In brief, SONET defines optical carrier (OC) levels and electrically equivalent synchronous transport signals (STSs) for the fiber-optic based transmission hierarchy. The standard SONET line rates and STS-equivalent formats are shown
The next figure illustrates the basic multiplexing structure of SONET. Any type of service, ranging from voice to high-speed data and video, can be accepted by various types of service adapters. A service adapter maps the signal into the payload envelope of the STS-1 or virtual tributary (VT). New services and signals can be transported by adding new service adapters at the edge of the SONET network. All inputs are eventually converted to a base format of a synchronous STS-1 signal (51.84 Mbps or higher). Lower speed inputs such as DS-1s are first bit- or byte-multiplexed into virtual tributaries. Several synchronous STS-1s are then multiplexed together in either a single- or two-stage process to form an electrical STS-n signal (n = one or more).
- mapping—used when tributaries are adapted into VTs by adding justification bits and POH information.
- aligning—takes place when a pointer is included in the STS path or VT POH, to allow the first byte of the VT to be located.
- multiplexing—used when multiple lower order path-layer signals are adapted into a higher-order path signal, or when the higher-order path signals are adapted into the line overhead.
- stuffing—SONET has the ability to handle various input tributary rates from asynchronous signals; as the tributary signals are multiplexed and aligned, some spare capacity has been designed into the SONET frame to provide enough space for all these various tributary rates; therefore, at certain points in the multiplexing hierarchy, this space capacity is filled with fixed stuffing bits that carry no information but are required to fill up the particular frame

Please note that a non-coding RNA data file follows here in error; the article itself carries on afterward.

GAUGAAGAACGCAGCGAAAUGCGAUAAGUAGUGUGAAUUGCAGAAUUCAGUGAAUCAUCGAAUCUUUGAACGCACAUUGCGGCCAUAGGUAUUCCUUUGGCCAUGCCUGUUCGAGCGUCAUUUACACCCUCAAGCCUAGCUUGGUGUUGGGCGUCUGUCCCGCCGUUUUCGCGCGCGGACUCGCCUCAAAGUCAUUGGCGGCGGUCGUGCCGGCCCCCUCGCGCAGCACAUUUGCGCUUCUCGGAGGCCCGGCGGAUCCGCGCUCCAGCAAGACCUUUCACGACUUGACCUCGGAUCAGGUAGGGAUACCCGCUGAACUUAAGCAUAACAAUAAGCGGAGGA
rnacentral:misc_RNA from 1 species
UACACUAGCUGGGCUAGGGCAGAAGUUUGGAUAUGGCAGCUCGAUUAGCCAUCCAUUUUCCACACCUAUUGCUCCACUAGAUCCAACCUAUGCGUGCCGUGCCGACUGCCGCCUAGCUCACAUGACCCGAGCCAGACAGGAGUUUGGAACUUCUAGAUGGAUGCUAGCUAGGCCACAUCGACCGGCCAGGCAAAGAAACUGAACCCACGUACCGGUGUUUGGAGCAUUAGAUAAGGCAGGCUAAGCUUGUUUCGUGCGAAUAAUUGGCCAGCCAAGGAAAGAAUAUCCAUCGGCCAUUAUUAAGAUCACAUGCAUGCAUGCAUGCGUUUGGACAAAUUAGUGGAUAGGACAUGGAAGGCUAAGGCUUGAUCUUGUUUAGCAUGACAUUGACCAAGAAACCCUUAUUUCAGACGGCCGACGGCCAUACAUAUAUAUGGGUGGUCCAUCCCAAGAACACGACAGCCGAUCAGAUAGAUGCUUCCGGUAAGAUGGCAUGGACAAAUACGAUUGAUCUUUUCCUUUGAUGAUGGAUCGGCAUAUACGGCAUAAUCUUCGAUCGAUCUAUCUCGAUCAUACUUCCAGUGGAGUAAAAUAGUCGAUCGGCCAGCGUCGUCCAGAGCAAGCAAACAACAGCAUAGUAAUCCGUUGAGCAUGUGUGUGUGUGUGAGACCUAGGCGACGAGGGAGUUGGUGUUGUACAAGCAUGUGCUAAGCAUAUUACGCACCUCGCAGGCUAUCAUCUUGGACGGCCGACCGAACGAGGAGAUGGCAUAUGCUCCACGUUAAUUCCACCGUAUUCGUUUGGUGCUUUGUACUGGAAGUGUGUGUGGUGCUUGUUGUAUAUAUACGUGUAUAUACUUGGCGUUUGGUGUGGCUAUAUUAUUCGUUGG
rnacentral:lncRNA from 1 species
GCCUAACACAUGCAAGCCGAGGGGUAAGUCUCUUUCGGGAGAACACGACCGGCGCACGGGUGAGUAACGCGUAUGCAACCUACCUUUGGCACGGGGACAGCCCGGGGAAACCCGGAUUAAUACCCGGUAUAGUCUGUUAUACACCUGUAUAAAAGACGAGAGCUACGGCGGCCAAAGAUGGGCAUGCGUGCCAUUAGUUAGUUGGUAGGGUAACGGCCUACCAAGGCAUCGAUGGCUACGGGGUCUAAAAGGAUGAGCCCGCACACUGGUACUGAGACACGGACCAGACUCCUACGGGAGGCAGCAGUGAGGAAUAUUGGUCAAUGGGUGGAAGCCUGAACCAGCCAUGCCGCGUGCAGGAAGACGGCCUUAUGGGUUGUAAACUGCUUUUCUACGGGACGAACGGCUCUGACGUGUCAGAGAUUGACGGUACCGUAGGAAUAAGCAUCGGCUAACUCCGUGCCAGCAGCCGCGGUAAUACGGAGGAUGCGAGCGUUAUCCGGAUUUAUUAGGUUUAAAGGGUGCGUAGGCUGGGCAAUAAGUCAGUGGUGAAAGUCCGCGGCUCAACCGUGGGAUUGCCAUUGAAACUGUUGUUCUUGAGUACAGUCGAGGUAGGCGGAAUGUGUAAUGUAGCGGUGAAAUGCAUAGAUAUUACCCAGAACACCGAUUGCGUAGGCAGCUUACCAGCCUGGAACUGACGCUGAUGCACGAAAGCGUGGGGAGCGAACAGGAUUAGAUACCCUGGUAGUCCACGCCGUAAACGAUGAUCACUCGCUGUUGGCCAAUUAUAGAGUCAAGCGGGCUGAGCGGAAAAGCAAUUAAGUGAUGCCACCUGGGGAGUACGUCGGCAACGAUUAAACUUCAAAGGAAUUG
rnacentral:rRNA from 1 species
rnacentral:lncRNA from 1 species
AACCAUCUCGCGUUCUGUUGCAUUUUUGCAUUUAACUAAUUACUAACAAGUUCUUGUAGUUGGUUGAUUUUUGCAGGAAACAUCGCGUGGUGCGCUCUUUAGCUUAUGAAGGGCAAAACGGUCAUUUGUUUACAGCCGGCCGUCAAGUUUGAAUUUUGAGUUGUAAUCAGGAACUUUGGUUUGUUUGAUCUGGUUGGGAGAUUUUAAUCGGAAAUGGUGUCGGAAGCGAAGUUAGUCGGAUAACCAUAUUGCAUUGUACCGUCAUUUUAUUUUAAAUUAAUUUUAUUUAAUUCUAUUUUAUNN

STS-1 is a specific sequence of 810 bytes (6,480 bits), which includes various overhead bytes and an envelope capacity for transporting payloads. It can be depicted as a 90-column by 9-row structure. With a total frame length of 125 µs (8,000 frames per second), STS-1 has a bit rate of 51.840 Mbps -- viz.
(9) x (90 bytes/frame) x (8 bits/byte) x (8,000 frames/s) = 51,840,000 bps = 51.840 MbpsThe order of transmission of bytes is row-by-row from top to bottom and from left to right (most significant bit first). As shown in the figure below, the first three columns of the STS-1 frame are for the transport overhead. The three columns contain 9 bytes. Of these, 9 bytes are overhead for the section layer (for example, each section overhead), and 18 bytes are overhead for the line layer (for example, line overhead). The remaining 87 columns constitute the STS-1 envelope capacity (payload and POH).
In addition to the STS-1 base format, SONET also defines synchronous formats at sub-STS-1 levels. The STS-1 payload may be subdivided into virtual tributaries, which are synchronous signals used to transport lower-speed transmissions. There are three sizes of VTs:
SONET uses a concept called “pointers” to compensate for frequency and phase variations. Pointers allow the transparent transport of synchronous payload envelopes (either STS or VT) across plesiochronous boundaries, i.e., between nodes with separate network clocks having almost the same timing. The use of pointers avoids the delays and loss of data associated with the use of large (125-microsecond frame) slip buffers for synchronization.
For future services, the STS-1 may not have enough capacity to carry some services. SONET offers the flexibility of concatenating STS-1s to provide the necessary bandwidth. The next illustrates SONET flexibility by concatenating three STS-1s to 155.52 Mbps to provide the capacity to transport an H4 digital-video channel. STS-1s can be concatenated up to STS-3c. Beyond STS-3, concatenation is done in multiples of STS-3c. For ATM services, concatenation is done in multiples of STS-12c.
A Simple Asynchronous Signal -- terminal serial communication.
A Basic Synchronous (or Plesiochronous) Signal -- High-Level Data Link Control (HDLC) frame structure.
- Asynchronous -- simple, cheap and inefficient (slow)
- Synchronous -- complex, expensive and efficient (fast)